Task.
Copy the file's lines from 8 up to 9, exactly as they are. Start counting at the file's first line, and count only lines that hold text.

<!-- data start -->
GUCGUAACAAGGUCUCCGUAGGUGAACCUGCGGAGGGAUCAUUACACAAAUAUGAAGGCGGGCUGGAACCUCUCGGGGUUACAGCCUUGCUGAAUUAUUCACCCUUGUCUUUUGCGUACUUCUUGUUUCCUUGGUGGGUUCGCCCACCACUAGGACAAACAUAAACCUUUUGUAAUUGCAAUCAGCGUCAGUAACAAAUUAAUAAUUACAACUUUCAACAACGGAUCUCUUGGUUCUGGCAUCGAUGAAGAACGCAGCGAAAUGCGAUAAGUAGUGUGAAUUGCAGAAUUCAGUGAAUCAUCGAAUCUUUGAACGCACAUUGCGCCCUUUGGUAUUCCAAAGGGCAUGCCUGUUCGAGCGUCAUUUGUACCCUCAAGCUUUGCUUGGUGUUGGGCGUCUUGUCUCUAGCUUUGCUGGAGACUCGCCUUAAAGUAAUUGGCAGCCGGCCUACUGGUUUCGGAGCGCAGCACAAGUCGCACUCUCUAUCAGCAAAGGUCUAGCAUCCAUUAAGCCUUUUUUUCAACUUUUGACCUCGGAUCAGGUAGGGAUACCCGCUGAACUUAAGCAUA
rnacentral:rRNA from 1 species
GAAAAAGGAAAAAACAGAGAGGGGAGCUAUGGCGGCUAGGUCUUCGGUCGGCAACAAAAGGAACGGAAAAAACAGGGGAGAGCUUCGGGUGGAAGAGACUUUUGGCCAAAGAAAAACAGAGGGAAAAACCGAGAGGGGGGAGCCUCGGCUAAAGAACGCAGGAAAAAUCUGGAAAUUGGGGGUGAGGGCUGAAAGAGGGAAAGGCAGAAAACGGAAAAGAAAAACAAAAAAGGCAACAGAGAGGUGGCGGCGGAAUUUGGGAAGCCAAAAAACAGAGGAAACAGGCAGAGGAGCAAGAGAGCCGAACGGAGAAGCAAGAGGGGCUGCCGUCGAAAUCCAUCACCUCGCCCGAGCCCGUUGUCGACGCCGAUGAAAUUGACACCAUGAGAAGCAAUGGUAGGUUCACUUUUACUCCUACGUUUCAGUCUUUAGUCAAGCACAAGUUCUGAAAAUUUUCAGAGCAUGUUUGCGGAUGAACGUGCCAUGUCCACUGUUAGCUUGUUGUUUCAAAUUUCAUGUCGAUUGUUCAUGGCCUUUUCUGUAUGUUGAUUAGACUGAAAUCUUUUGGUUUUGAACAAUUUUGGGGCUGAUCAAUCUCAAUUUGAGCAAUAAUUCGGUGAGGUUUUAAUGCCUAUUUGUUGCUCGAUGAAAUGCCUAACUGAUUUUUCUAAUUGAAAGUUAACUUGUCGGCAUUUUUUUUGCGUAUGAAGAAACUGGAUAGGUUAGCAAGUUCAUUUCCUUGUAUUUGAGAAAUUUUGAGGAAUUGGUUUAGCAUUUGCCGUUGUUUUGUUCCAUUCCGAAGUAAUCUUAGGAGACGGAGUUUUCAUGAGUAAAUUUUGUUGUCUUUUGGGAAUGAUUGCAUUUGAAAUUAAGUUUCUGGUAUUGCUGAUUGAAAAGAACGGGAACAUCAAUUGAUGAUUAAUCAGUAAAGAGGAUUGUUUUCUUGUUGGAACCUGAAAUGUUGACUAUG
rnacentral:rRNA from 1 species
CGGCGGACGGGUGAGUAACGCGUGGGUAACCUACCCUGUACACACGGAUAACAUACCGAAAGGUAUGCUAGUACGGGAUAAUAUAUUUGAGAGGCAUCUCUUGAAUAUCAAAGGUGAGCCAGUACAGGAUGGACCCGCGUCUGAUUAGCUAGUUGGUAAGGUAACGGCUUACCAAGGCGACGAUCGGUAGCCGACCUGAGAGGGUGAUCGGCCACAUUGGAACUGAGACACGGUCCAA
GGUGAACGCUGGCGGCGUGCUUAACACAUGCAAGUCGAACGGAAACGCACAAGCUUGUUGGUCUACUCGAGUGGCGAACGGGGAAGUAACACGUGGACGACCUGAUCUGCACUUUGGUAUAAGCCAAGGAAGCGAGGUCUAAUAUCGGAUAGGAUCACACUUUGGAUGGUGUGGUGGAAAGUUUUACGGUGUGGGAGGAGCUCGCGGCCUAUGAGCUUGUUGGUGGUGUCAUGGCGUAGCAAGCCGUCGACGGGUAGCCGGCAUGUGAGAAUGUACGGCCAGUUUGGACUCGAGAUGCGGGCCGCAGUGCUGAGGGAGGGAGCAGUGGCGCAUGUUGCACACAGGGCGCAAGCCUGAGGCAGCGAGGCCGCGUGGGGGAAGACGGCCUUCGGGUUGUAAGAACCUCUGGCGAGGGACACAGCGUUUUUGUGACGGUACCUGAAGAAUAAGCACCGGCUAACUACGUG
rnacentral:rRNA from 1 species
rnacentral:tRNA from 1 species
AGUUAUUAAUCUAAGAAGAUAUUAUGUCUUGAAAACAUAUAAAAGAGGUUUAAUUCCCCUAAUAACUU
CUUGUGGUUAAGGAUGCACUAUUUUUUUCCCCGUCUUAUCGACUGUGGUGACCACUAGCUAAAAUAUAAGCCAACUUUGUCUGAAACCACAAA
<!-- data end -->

rnacentral:tRNA from 1 species
AGUUAUUAAUCUAAGAAGAUAUUAUGUCUUGAAAACAUAUAAAAGAGGUUUAAUUCCCCUAAUAACUU